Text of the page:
DOWNTOWN LOS ANGELES — Street vending is illegal in Los Angeles. Yet as every Downtown worker or resident knows, it flourishes in the Central City, with hot dog sellers, clothing hawkers and more often popping up on sidewalks.


Now, a pair of City Council members has embarked on an effort to legalize and regulate the practice, arguing that doing so would bring vendors out of the shadows and allow them to contribute to the local economy. That, however, has sparked an outcry from some local business and community leaders, who worry that the move would hamper Downtown’s revitalization and harm brick-and-mortar businesses. They also believe the city simply can’t regulate a swell of newly empowered vendors.

“Downtown is a unique community, and sidewalk vending can get in the way of growing a neighborhood,” said Kent Smith, executive director of the Fashion District Business Improvement District. “If the city implements a new framework for street vending, that’s one thing. But where is it getting the resources to maintain it? I like the happy world of regulation, but I don’t think it’s the reality.”

The implications of street vending have been discussed for years, and in November 14th District City Councilman José Huizar and Ninth District rep Curren Price authored a motion to look at legalizing the practice. In May, the Chief Legislative Analyst’s office issued a seven-page preliminary report recommending Los Angeles adopt a citywide street vending program. 

Although details are still being worked out, the early plan involves creating a regulatory structure with a slew of rules regarding where vendors can work, how many can operate on a block, how far they must be from storefront businesses, what fees they need to pay and more. No timeline for implementation has been revealed.

Huizar said government involvement is required because the status quo is unsustainable and hurts both storefront shops and vendors alike.

“The system we have right now, no matter where you stand on the debate, it’s broken and everyone needs a regulatory system,” Huizar said. “We need to allow vendors to sell their wares while putting mechanisms in place to protect brick-and-mortar businesses.”

Although street vending is ubiquitous in Downtown, it is most pronounced in the Fashion District, where dozens of mobile food carts and clothing and accessory vendors can set up shop on weekends. The Historic Core also sees numerous vendors, and South Park sidewalks swell when large events take place at Staples Center or L.A. Live.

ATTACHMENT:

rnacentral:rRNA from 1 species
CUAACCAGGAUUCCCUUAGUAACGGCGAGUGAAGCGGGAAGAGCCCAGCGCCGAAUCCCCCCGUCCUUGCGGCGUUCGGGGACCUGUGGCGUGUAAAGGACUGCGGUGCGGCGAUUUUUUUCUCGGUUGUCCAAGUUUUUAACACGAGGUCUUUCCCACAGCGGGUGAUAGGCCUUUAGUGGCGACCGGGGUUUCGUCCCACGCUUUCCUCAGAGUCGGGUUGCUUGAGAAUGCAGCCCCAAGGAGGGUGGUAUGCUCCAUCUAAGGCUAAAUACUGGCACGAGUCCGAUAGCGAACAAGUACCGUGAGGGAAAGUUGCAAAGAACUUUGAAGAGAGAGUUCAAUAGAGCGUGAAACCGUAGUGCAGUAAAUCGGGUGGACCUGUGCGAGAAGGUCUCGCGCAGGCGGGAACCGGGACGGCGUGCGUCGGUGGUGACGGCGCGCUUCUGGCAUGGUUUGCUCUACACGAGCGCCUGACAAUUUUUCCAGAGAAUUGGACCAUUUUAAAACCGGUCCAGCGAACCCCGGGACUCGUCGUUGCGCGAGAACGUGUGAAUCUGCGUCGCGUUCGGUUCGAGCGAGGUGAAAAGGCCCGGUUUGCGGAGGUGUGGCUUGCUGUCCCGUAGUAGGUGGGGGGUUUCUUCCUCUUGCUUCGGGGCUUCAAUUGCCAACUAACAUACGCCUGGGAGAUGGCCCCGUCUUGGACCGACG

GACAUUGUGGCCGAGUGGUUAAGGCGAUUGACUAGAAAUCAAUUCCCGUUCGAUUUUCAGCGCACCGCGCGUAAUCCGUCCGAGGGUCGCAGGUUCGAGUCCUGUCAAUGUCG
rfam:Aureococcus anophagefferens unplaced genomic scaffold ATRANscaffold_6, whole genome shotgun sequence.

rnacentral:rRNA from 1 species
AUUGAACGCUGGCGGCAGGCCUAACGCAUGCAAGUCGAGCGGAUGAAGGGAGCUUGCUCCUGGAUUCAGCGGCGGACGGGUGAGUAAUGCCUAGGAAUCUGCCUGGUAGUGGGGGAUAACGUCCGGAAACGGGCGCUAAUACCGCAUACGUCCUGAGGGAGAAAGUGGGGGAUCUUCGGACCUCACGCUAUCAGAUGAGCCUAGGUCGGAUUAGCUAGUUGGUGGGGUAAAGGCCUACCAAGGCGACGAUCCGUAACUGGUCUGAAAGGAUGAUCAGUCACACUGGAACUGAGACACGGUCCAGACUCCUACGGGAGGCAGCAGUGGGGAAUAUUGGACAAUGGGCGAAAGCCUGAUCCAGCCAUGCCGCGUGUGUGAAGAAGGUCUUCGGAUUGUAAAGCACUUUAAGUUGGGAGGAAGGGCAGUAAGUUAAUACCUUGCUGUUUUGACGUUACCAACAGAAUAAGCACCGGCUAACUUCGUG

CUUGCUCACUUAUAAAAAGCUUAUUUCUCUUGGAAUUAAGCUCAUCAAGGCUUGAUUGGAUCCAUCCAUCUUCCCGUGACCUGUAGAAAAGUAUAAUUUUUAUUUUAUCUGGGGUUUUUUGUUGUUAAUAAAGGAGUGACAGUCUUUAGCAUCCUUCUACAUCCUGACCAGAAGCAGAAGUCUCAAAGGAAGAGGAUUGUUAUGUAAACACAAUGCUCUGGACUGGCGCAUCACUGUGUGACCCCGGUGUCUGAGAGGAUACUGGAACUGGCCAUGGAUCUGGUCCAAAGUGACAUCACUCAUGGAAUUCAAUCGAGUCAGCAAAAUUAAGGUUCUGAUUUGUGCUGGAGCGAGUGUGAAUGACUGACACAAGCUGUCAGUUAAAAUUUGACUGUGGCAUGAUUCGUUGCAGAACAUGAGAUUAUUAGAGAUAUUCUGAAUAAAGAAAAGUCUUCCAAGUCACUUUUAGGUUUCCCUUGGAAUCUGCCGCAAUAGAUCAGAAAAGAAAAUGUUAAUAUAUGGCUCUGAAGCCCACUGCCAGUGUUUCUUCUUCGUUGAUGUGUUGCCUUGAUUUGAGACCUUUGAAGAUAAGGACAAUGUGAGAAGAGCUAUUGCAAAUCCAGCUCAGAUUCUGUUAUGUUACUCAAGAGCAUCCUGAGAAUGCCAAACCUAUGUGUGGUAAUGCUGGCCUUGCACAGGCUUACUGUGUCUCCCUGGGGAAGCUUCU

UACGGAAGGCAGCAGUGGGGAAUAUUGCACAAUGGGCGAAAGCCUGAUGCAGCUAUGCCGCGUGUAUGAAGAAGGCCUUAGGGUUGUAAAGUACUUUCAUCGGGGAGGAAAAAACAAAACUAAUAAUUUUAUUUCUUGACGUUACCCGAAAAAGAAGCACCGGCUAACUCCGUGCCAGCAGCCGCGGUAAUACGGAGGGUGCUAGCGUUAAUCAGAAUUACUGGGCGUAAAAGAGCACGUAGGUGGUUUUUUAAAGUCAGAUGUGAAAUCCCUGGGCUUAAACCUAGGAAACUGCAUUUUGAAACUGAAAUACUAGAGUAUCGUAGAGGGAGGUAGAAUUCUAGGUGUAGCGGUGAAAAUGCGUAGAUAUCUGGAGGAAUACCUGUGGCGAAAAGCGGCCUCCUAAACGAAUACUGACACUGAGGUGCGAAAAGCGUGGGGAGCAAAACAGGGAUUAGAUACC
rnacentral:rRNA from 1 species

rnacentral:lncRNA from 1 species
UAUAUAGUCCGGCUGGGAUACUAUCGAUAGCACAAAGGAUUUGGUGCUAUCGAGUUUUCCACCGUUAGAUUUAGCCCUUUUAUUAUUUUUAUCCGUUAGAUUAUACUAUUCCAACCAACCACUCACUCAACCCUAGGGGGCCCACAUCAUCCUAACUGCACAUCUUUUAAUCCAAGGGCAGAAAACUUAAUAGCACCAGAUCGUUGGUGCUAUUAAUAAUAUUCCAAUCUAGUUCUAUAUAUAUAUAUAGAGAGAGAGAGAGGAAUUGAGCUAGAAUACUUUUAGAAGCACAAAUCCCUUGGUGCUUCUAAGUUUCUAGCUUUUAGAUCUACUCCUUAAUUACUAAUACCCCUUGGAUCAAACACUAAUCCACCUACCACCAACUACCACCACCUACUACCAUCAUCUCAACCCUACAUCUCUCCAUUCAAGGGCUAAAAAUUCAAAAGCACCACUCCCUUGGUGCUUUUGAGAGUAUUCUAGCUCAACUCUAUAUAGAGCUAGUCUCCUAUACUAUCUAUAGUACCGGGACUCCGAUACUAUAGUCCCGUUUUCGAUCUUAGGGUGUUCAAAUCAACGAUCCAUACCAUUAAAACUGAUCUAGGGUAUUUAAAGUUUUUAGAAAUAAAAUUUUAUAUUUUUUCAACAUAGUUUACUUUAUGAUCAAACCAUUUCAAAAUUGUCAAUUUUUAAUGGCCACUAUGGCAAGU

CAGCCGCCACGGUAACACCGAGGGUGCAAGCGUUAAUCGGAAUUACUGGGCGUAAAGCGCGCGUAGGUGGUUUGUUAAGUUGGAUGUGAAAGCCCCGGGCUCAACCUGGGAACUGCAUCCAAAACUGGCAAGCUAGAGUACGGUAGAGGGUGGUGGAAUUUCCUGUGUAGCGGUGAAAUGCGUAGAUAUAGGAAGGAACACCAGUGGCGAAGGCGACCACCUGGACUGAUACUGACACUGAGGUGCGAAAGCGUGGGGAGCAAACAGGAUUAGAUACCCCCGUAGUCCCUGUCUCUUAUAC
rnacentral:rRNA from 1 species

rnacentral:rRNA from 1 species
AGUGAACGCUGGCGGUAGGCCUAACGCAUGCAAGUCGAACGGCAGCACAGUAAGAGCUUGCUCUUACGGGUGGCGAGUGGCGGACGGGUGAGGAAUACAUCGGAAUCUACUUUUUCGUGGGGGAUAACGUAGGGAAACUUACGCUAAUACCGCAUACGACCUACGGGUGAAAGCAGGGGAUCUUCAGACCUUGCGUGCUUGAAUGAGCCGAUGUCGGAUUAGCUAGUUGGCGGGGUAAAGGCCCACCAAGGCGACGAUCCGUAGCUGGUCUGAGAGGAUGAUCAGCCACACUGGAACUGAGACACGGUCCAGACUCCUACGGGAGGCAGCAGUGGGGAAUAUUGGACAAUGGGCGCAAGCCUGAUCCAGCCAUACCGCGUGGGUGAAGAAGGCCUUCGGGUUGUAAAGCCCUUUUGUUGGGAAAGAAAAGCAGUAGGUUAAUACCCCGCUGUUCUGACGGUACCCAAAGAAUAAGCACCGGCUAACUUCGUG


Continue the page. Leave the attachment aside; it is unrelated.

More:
While she says she understands the argument that vendors are just trying to earn a living, Blair Besten, executive director of the Historic Downtown Los Angeles Business Improvement District, said that they can create problems in a neighborhood. Sidewalk blockages caused by vendors can force pedestrians to walk in a street filled with cars, Besten said. She added that people have been burned by hot griddles on mobile food carts.

Unscrupulous vendors also leave behind piles of trash, she said. She recalled an incident in which a vendor dumped his hot dog water into an alley by the Flower Street Lofts, attracting a clan of hungry rats.

“We had to call our team to go clean that mess up,” Besten said. “It’s not fair for the businesses who are paying us for clean-and-safe crews to have to deal with these street vendors.” 

Past Failure

This isn’t the first time the matter has come up. In 1994, the city adopted the Special Sidewalk Vending District Ordinance. That allowed the formation of vending districts in eight areas, including East Los Angeles and the Central City. It was largely a failure, however, as only one was ever established, at MacArthur Park, and it no longer exists.